But, what I'm asking is; what INSIDE the frame, is the thing (or things, or whatever) what you want to the viewer's eye to go to. I'll spoil it a bit, and say that for me, it's the kayakers. But it's not about what I THINK the subject is, it's about what YOU want the subject to be. And, whether or not you feel that your subject captivates the eye in the way you want it to. So, what's the subject (area of interest, focal point, whatever) of the image and does it captivate the eye the way you want it to?   Posted: 10/08/2020 15:25:52
Jane Pittenger   Jane Pittenger
I will share some thoughts and a question in a few minutes but wanted to post the latest version before I shut down the computer   Posted: 10/08/2020 19:53:59
Jane Pittenger   Jane Pittenger
First, the question. I edit in adobe color space and size for export in PS. In Ps how do i change to SRGB for export so I can see it before saving? Re your wonderful questions, for me also the focus is the kayakers but they aren't in sharp focus so, in my mind, I split the subject between the fog and the kayakers. I like your thought re the story being outside of the frame. Lots to ponder which I love   Posted: 10/08/2020 20:52:44
Richard Story   Richard Story
JANE, FIRST OFF I ACCIDENTLY REMOVED YOUR REDITED IMAGE. PLEASE PUT IT BACK UP. YOU CAN DO THAT AS A REPLY TO THIS COMMENT. THANK YOU   Posted: 10/09/2020 09:57:15



Damon Williams   Damon Williams
Oooh. To tell you the truth, I don't know crap about Ps. Funny you should ask. I wanted to try a multiple exposure shot to enter into the PID Creative division, and so I installed Ps two days ago for the first time. I watched a youtube vid of the process and realized it was WAY over my head so I closed the application with my tail between my legs. That's a long way of saying: I have no idea Jane.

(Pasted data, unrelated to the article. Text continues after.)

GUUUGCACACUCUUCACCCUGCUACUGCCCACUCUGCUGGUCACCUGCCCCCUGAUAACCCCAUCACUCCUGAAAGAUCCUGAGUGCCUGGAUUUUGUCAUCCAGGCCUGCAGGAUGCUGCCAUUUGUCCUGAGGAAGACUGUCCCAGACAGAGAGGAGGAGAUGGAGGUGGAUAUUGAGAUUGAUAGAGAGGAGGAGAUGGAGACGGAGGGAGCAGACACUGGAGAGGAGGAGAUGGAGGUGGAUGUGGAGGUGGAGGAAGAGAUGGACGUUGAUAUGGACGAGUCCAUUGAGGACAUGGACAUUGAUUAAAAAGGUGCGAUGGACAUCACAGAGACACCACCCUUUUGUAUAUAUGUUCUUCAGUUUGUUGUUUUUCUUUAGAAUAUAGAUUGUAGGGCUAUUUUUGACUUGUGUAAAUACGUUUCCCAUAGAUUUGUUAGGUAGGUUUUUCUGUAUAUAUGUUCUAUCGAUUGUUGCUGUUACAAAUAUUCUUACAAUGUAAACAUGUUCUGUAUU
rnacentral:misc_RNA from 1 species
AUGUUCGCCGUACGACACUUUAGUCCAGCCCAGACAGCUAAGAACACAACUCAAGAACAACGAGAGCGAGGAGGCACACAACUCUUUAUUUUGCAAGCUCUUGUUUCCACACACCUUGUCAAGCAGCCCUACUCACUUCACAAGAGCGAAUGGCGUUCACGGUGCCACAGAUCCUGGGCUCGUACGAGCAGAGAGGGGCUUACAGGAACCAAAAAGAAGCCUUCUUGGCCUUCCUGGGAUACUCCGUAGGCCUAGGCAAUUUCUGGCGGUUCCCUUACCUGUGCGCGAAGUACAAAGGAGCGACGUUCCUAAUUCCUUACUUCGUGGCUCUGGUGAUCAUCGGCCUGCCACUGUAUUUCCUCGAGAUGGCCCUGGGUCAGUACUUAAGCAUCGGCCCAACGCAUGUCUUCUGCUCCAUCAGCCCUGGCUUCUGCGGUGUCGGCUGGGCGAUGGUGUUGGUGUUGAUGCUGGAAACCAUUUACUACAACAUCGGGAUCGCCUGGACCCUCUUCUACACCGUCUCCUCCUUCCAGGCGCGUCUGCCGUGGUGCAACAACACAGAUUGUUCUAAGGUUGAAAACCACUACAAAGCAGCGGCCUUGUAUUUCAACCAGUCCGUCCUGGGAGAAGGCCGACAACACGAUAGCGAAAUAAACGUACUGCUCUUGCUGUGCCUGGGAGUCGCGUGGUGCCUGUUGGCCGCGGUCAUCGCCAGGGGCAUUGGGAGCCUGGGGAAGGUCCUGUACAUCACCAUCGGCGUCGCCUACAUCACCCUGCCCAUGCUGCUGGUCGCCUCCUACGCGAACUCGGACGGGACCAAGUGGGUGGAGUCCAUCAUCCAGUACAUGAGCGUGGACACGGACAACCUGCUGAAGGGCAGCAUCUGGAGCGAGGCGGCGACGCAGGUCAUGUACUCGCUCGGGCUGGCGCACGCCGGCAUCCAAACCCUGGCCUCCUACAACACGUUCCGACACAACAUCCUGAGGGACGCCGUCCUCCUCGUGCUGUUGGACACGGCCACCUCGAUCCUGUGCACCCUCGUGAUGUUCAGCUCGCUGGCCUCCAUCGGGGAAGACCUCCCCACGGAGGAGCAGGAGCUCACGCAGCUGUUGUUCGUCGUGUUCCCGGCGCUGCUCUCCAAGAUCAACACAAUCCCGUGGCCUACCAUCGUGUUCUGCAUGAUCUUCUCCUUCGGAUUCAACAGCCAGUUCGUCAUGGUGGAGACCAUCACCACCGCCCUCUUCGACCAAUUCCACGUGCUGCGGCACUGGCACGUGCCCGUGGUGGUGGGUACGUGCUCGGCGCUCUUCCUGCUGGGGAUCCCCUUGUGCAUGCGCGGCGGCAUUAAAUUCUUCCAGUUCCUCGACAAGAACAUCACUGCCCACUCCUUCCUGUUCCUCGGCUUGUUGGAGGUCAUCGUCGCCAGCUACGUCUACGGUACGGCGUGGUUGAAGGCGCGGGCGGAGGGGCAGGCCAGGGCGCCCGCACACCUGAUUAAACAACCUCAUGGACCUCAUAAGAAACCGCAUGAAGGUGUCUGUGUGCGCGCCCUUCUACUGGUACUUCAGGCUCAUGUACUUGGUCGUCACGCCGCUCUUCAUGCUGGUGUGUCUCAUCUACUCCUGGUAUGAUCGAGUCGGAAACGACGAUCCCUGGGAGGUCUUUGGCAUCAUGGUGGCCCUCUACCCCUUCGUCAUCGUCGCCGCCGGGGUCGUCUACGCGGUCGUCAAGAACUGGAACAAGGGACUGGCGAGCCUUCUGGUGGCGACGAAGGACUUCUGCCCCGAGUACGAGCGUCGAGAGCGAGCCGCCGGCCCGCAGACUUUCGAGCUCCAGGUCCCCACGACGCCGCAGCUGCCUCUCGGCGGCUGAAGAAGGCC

I think there are other ways of bringing the eyes to the kayakers, without showcasing their state of focus. A radial filter could do it. A vignette maybe. Possibly bringing the whites down, to de-emphasize the fog, and bringing yellows up to brighten the green kayaks. Would have to experiment.   Posted: 10/08/2020 23:33:56



Richard Story   Richard Story
JANE,
I SEE THAT YOU AND DAMON HAVE BEEN HAVEING QUITE A LONG DISCUSSION ON YOUR IMAGE ALREADY SO I DON'T FEEL THAT I NEED TO COMMENT TOO MUCH.

WITH THAT SAID ONLY THING TO SAY IS I DO LIKE THE IMAGE FLIPPED AS YOUR LEADING LINE(THE SHORELINE) DRAWS MY EYE TO THE RIGHT AND PLACES THE KAYAKS IN A BETTER PLACE IN THE FRAME AS MY EYE IS USUALLY SEES MORE ON THE RIGHT SIDE.
I DID LIGHTEN UP THE FOREGROUND BUSHES ON ON THE LEFT ENHANCING THE LINE EVEN MORE. ALSO COULDN'T BRIGHTEN UP THE KAYAK MUCH BUT DID JUST A LITTLE.

DO EITHER OF YOU USE LR??? BECAUSE IN THERE YOU HAVE THE EASIEST TOOL FOR STACKING HDR TYPE IMAGES KINDA A ONE BUTTON OPERATION.

AGAIN JANE SORRY FOR DELETING YOUR SECOND IMAGES , I DO WANT TO SEE IT AGAIN THANKS   Posted: 10/09/2020 10:07:01
Comment Image
Jane Pittenger   Jane Pittenger
I do use LR and I do often stack images but not with moving subjects   Posted: 10/09/2020 10:44:02



Dianne Arrigoni   Dianne Arrigoni
I like this photo Jane. It feels like a cool, quiet early morning. I think I would crop 1/2 of the sky off the top though. I don't think the image needs that much and there really isn't much happening up there. Maybe crop an inch off the right side as well as it's pretty dark and heavy. I played with it in LR. Dodged the right grasses a little and burned the sky after cropping to highlight the fog a little more. Also added a little vignette. I like this image because it feels so calming. PS I haven't read any of the above yet.   Posted: 10/20/2020 01:20:15
Comment Image



 

Please log in to post a comment